Reflections on My Mission to Israel

Recently, I returned from my mission to Israel. I was scared to go there. Not because it’s a country at war, but because I was afraid it wouldn’t be the Israel that I know and love. As we landed, the pilot announced, “Welcome home,” said a prayer for the Israel Defense Forces, and for better days ahead.

The mood on the ground was a mix of somber, angry, but also lively. When I was in Tel Aviv, I woke up early to walk on the beach and it was full of joggers — but noticeably absent were young adults playing volleyball, a hallmark of the waterfront. They are, of course, serving in the army and the reserves. At every turn there is a reminder of what’s at stake, and the price Israel pays to protect her sovereignty. Still, the bars and restaurants are active as everyone — five months in, is finding ways to normalize living in wartime.

Meeting with hostage families was heartbreaking. Mothers, brothers, cousins, friends, have put their lives on hold to keep hope alive and the world responsible for their immediate and unconditional release. You may have seen some of the images of hostages on TV like Noa Argamani, screaming for help, trapped between two terrorists who speed off with her on a motorbike. She is an only child, and her mother is dying of brain cancer, so her best friend fights for her. We met Omer Shem Tov’s mother who has been camping out in a tent at Hostage Square since her son was kidnapped at the Nova Music Festival. Kidnapped and Missing posters hang from every street corner and building. 19 of the remaining hostages are women. It is almost unbelievable.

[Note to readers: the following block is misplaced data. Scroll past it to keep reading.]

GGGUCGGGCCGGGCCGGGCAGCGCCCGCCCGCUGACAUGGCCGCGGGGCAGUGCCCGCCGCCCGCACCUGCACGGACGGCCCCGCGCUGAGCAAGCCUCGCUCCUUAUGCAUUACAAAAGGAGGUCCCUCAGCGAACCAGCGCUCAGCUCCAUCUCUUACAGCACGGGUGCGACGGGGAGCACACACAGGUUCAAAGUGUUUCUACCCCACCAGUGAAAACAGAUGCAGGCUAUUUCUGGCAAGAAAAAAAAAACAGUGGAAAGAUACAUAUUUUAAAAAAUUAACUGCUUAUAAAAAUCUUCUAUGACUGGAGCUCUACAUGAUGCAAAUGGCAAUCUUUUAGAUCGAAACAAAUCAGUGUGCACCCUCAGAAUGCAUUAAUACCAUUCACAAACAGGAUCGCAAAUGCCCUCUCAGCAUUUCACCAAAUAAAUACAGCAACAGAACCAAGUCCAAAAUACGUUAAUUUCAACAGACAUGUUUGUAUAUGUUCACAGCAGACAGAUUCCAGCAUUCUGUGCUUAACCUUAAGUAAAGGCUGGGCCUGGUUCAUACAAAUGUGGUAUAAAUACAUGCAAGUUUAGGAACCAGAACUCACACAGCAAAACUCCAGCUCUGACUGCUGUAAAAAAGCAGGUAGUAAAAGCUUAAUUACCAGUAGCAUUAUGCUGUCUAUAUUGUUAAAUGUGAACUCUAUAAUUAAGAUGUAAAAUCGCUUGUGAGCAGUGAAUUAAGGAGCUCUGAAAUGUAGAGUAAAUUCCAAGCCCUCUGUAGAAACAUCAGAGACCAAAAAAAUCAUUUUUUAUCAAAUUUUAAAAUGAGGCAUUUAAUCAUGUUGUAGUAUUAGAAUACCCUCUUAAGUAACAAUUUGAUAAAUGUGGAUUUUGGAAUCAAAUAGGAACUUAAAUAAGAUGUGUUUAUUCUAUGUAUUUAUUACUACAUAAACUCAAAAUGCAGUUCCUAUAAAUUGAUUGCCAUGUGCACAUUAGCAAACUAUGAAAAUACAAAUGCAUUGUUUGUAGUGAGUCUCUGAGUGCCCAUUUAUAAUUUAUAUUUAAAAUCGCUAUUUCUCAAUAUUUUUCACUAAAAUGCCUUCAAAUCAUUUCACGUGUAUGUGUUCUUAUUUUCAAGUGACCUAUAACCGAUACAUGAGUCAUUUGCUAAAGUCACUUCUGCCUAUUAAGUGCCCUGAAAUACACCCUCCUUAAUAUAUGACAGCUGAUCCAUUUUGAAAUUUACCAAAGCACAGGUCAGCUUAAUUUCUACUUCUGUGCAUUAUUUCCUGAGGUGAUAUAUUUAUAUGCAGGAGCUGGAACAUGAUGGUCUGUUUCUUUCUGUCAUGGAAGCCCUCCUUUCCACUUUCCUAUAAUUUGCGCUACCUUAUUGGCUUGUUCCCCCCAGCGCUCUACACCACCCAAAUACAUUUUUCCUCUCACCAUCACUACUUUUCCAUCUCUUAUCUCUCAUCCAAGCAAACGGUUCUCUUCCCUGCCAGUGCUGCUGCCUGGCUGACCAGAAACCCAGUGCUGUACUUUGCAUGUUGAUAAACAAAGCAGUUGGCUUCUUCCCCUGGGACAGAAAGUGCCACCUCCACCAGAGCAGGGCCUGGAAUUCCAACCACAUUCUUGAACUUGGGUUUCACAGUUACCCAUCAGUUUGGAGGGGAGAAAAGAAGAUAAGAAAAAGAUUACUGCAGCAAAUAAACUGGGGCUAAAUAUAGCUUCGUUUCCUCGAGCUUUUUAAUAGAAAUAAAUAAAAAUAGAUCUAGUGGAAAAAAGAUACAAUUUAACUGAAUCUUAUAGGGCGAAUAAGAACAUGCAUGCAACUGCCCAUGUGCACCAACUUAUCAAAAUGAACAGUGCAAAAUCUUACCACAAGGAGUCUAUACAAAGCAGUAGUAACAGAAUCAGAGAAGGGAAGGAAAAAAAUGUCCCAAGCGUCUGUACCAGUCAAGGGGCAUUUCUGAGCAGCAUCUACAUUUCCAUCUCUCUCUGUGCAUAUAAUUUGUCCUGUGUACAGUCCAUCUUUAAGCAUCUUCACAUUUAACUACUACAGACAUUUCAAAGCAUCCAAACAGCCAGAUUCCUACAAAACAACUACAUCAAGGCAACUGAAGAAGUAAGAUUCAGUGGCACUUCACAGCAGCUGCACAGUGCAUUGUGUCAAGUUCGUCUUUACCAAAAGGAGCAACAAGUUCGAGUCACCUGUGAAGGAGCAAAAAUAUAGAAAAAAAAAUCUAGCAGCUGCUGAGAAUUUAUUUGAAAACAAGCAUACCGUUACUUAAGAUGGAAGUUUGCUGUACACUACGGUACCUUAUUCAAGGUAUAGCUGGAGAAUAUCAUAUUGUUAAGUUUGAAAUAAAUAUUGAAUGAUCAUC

Almost unbelievable, except we are witness to these atrocities. I have spent a lot of time reflecting on this part of our work, the requirement to bear witness. It is truly a sacred task. And, not easy. We visited Kibbutz Kfar Aza and the Nova music festival site in the south.

Bullet holes and burned homes, evidence of everyday life and what was stolen: shoes, a toaster, a swing set, open bottles of wine, everything frozen in time on 10/7.

Israel isn’t the same, it is broken in so many ways; and, still, there is no place that I’d rather be. I am so glad that I went; it was one of the most meaningful trips. I was tremendously inspired by the resilient and courageous leaders we met with, including a forum with our grantees. Barak Loozon, Ester Biro, and Lia Kazaz — all from our Israel office — are doing heroic work on behalf of all of us. May G-d protect them, and all who fight for Israel, and keep them safe and in our hearts.

We understand the importance of staying connected and informed. Explore our Israel and Community Crisis Resource hub for security, donations, advocacy, events, and more information.

Categories: Israel, Jewish Community


March 14, 2024


Joy Sisisky